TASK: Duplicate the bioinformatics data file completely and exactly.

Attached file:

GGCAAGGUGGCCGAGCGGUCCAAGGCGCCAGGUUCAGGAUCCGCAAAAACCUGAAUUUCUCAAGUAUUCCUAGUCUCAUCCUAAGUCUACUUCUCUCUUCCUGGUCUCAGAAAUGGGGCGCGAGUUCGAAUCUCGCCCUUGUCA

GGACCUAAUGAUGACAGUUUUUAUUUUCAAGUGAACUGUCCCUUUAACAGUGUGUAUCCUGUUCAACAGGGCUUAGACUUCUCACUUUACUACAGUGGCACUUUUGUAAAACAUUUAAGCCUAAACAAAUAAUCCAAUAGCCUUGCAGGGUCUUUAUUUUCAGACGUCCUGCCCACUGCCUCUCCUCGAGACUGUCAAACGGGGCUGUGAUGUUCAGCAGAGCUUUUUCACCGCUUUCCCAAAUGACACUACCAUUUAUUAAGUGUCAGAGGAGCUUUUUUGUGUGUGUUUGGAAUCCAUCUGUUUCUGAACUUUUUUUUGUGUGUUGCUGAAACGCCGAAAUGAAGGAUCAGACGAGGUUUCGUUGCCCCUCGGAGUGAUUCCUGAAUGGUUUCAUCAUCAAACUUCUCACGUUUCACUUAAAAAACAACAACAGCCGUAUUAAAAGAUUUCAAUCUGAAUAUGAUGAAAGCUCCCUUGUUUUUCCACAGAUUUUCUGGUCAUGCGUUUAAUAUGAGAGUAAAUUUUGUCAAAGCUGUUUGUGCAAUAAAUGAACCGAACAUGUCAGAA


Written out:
GGCAAGGUGGCCGAGCGGUCCAAGGCGCCAGGUUCAGGAUCCGCAAAAACCUGAAUUUCUCAAGUAUUCCUAGUCUCAUCCUAAGUCUACUUCUCUCUUCCUGGUCUCAGAAAUGGGGCGCGAGUUCGAAUCUCGCCCUUGUCA

GGACCUAAUGAUGACAGUUUUUAUUUUCAAGUGAACUGUCCCUUUAACAGUGUGUAUCCUGUUCAACAGGGCUUAGACUUCUCACUUUACUACAGUGGCACUUUUGUAAAACAUUUAAGCCUAAACAAAUAAUCCAAUAGCCUUGCAGGGUCUUUAUUUUCAGACGUCCUGCCCACUGCCUCUCCUCGAGACUGUCAAACGGGGCUGUGAUGUUCAGCAGAGCUUUUUCACCGCUUUCCCAAAUGACACUACCAUUUAUUAAGUGUCAGAGGAGCUUUUUUGUGUGUGUUUGGAAUCCAUCUGUUUCUGAACUUUUUUUUGUGUGUUGCUGAAACGCCGAAAUGAAGGAUCAGACGAGGUUUCGUUGCCCCUCGGAGUGAUUCCUGAAUGGUUUCAUCAUCAAACUUCUCACGUUUCACUUAAAAAACAACAACAGCCGUAUUAAAAGAUUUCAAUCUGAAUAUGAUGAAAGCUCCCUUGUUUUUCCACAGAUUUUCUGGUCAUGCGUUUAAUAUGAGAGUAAAUUUUGUCAAAGCUGUUUGUGCAAUAAAUGAACCGAACAUGUCAGAA